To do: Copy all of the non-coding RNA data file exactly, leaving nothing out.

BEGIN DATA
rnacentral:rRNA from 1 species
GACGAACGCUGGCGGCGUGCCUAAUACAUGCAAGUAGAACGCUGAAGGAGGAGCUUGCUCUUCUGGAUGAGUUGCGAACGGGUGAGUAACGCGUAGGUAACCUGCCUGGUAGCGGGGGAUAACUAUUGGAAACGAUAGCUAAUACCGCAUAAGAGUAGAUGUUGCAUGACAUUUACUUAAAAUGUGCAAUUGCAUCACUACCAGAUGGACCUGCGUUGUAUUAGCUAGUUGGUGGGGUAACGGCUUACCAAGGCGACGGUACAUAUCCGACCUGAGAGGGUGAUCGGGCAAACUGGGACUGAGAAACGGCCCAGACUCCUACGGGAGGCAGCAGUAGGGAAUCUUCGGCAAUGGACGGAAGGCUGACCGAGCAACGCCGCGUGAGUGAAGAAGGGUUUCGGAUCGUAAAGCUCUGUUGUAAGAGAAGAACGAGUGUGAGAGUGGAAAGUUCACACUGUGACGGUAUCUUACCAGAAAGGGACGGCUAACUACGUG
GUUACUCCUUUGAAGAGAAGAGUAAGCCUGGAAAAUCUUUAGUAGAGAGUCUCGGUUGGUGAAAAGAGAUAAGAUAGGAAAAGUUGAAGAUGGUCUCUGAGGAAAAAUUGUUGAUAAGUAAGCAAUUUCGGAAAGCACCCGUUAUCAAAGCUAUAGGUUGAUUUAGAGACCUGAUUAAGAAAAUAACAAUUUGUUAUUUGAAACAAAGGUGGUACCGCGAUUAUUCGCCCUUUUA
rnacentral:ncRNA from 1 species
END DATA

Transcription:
rnacentral:rRNA from 1 species
GACGAACGCUGGCGGCGUGCCUAAUACAUGCAAGUAGAACGCUGAAGGAGGAGCUUGCUCUUCUGGAUGAGUUGCGAACGGGUGAGUAACGCGUAGGUAACCUGCCUGGUAGCGGGGGAUAACUAUUGGAAACGAUAGCUAAUACCGCAUAAGAGUAGAUGUUGCAUGACAUUUACUUAAAAUGUGCAAUUGCAUCACUACCAGAUGGACCUGCGUUGUAUUAGCUAGUUGGUGGGGUAACGGCUUACCAAGGCGACGGUACAUAUCCGACCUGAGAGGGUGAUCGGGCAAACUGGGACUGAGAAACGGCCCAGACUCCUACGGGAGGCAGCAGUAGGGAAUCUUCGGCAAUGGACGGAAGGCUGACCGAGCAACGCCGCGUGAGUGAAGAAGGGUUUCGGAUCGUAAAGCUCUGUUGUAAGAGAAGAACGAGUGUGAGAGUGGAAAGUUCACACUGUGACGGUAUCUUACCAGAAAGGGACGGCUAACUACGUG
GUUACUCCUUUGAAGAGAAGAGUAAGCCUGGAAAAUCUUUAGUAGAGAGUCUCGGUUGGUGAAAAGAGAUAAGAUAGGAAAAGUUGAAGAUGGUCUCUGAGGAAAAAUUGUUGAUAAGUAAGCAAUUUCGGAAAGCACCCGUUAUCAAAGCUAUAGGUUGAUUUAGAGACCUGAUUAAGAAAAUAACAAUUUGUUAUUUGAAACAAAGGUGGUACCGCGAUUAUUCGCCCUUUUA
rnacentral:ncRNA from 1 species